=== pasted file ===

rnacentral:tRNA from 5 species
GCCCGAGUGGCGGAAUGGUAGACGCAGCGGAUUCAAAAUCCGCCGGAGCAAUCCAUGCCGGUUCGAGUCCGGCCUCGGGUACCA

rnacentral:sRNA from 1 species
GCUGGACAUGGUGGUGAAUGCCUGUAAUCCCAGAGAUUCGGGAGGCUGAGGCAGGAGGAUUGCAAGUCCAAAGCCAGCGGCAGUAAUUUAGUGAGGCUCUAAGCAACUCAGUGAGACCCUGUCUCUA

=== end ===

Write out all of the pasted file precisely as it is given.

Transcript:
rnacentral:tRNA from 5 species
GCCCGAGUGGCGGAAUGGUAGACGCAGCGGAUUCAAAAUCCGCCGGAGCAAUCCAUGCCGGUUCGAGUCCGGCCUCGGGUACCA

rnacentral:sRNA from 1 species
GCUGGACAUGGUGGUGAAUGCCUGUAAUCCCAGAGAUUCGGGAGGCUGAGGCAGGAGGAUUGCAAGUCCAAAGCCAGCGGCAGUAAUUUAGUGAGGCUCUAAGCAACUCAGUGAGACCCUGUCUCUA